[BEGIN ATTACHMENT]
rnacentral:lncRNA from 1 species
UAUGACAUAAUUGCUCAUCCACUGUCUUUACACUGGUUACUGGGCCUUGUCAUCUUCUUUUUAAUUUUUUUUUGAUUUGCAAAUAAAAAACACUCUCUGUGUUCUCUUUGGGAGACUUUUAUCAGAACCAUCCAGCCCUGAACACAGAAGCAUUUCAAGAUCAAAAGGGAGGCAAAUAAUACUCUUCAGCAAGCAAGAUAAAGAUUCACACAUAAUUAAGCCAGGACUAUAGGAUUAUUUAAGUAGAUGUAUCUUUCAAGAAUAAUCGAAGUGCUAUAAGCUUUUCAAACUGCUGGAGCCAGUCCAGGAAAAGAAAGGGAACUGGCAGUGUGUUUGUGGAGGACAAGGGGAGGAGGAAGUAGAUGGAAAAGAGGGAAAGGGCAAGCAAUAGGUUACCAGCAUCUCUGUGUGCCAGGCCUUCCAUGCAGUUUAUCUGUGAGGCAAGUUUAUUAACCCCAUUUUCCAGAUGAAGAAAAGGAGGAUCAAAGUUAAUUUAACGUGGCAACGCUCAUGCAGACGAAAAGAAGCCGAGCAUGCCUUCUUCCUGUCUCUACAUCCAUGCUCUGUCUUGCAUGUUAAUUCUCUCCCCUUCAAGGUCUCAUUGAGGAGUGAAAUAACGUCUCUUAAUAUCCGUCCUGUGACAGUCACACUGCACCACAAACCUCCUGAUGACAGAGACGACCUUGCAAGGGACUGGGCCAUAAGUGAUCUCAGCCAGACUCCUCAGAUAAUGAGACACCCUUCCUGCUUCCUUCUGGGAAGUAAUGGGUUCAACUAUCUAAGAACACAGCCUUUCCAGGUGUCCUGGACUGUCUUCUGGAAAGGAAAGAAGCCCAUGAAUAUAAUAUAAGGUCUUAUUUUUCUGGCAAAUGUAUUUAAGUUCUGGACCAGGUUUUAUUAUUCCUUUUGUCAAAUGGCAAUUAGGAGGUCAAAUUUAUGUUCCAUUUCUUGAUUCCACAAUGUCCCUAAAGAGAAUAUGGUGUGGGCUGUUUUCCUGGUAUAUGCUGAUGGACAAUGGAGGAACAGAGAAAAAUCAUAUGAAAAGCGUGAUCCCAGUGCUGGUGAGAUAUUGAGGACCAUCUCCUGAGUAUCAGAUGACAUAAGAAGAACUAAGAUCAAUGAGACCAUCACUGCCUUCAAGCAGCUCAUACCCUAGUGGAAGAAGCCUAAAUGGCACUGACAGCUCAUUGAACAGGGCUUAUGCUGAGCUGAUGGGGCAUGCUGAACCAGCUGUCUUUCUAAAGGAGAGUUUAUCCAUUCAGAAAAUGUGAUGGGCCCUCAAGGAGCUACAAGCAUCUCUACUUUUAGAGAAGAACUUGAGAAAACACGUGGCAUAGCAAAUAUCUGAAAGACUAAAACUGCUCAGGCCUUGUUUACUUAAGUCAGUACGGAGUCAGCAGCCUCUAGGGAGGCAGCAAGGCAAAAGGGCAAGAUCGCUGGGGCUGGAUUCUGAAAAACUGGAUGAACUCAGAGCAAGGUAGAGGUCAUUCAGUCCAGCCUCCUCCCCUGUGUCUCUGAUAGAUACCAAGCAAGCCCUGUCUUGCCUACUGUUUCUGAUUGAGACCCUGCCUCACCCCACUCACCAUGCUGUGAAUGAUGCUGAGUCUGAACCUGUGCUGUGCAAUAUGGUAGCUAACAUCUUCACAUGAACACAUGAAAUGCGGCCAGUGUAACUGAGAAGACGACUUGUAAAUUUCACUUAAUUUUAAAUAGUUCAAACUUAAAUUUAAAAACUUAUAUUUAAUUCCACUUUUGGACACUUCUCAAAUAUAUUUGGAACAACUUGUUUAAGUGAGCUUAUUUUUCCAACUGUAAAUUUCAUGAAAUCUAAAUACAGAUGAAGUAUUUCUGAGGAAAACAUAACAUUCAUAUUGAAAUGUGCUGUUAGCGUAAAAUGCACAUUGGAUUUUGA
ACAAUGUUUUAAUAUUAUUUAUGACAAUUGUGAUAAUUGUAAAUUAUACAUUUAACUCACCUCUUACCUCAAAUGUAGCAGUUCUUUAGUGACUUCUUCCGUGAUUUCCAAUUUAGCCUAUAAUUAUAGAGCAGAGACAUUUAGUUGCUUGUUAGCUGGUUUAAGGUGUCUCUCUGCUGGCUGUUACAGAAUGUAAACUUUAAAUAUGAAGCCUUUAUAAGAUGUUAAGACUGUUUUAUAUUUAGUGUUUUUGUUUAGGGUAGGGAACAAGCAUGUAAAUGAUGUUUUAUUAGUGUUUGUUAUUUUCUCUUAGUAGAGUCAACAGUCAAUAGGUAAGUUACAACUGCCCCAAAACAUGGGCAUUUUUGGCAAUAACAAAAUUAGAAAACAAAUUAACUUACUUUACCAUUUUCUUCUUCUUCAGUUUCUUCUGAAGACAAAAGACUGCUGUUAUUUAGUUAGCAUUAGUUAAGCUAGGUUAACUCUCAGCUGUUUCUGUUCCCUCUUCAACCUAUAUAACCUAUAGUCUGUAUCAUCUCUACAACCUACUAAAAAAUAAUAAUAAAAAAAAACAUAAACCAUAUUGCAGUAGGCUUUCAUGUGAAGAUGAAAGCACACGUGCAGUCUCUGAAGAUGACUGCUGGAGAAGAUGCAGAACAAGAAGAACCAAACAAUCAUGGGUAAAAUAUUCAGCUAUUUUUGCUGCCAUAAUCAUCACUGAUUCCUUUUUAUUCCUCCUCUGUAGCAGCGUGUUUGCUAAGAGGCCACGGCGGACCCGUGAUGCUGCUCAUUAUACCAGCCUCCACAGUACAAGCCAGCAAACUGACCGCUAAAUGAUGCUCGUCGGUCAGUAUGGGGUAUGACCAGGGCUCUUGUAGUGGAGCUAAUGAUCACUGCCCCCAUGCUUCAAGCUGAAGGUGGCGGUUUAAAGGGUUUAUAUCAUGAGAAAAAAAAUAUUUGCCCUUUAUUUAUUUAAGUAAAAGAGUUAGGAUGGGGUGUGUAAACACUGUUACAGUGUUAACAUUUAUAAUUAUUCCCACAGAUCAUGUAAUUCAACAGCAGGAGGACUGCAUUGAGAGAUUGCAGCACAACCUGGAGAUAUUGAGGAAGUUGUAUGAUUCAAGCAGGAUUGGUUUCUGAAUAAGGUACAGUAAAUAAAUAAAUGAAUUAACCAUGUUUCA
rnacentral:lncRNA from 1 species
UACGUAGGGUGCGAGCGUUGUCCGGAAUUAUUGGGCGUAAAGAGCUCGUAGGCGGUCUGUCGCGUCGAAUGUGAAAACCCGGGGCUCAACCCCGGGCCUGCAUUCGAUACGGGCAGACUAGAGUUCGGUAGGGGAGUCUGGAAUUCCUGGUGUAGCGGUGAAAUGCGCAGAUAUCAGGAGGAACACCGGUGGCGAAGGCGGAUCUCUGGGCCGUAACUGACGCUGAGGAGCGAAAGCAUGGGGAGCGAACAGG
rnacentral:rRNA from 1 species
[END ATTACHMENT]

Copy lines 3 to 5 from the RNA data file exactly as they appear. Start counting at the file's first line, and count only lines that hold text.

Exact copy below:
ACAAUGUUUUAAUAUUAUUUAUGACAAUUGUGAUAAUUGUAAAUUAUACAUUUAACUCACCUCUUACCUCAAAUGUAGCAGUUCUUUAGUGACUUCUUCCGUGAUUUCCAAUUUAGCCUAUAAUUAUAGAGCAGAGACAUUUAGUUGCUUGUUAGCUGGUUUAAGGUGUCUCUCUGCUGGCUGUUACAGAAUGUAAACUUUAAAUAUGAAGCCUUUAUAAGAUGUUAAGACUGUUUUAUAUUUAGUGUUUUUGUUUAGGGUAGGGAACAAGCAUGUAAAUGAUGUUUUAUUAGUGUUUGUUAUUUUCUCUUAGUAGAGUCAACAGUCAAUAGGUAAGUUACAACUGCCCCAAAACAUGGGCAUUUUUGGCAAUAACAAAAUUAGAAAACAAAUUAACUUACUUUACCAUUUUCUUCUUCUUCAGUUUCUUCUGAAGACAAAAGACUGCUGUUAUUUAGUUAGCAUUAGUUAAGCUAGGUUAACUCUCAGCUGUUUCUGUUCCCUCUUCAACCUAUAUAACCUAUAGUCUGUAUCAUCUCUACAACCUACUAAAAAAUAAUAAUAAAAAAAAACAUAAACCAUAUUGCAGUAGGCUUUCAUGUGAAGAUGAAAGCACACGUGCAGUCUCUGAAGAUGACUGCUGGAGAAGAUGCAGAACAAGAAGAACCAAACAAUCAUGGGUAAAAUAUUCAGCUAUUUUUGCUGCCAUAAUCAUCACUGAUUCCUUUUUAUUCCUCCUCUGUAGCAGCGUGUUUGCUAAGAGGCCACGGCGGACCCGUGAUGCUGCUCAUUAUACCAGCCUCCACAGUACAAGCCAGCAAACUGACCGCUAAAUGAUGCUCGUCGGUCAGUAUGGGGUAUGACCAGGGCUCUUGUAGUGGAGCUAAUGAUCACUGCCCCCAUGCUUCAAGCUGAAGGUGGCGGUUUAAAGGGUUUAUAUCAUGAGAAAAAAAAUAUUUGCCCUUUAUUUAUUUAAGUAAAAGAGUUAGGAUGGGGUGUGUAAACACUGUUACAGUGUUAACAUUUAUAAUUAUUCCCACAGAUCAUGUAAUUCAACAGCAGGAGGACUGCAUUGAGAGAUUGCAGCACAACCUGGAGAUAUUGAGGAAGUUGUAUGAUUCAAGCAGGAUUGGUUUCUGAAUAAGGUACAGUAAAUAAAUAAAUGAAUUAACCAUGUUUCA
rnacentral:lncRNA from 1 species
UACGUAGGGUGCGAGCGUUGUCCGGAAUUAUUGGGCGUAAAGAGCUCGUAGGCGGUCUGUCGCGUCGAAUGUGAAAACCCGGGGCUCAACCCCGGGCCUGCAUUCGAUACGGGCAGACUAGAGUUCGGUAGGGGAGUCUGGAAUUCCUGGUGUAGCGGUGAAAUGCGCAGAUAUCAGGAGGAACACCGGUGGCGAAGGCGGAUCUCUGGGCCGUAACUGACGCUGAGGAGCGAAAGCAUGGGGAGCGAACAGG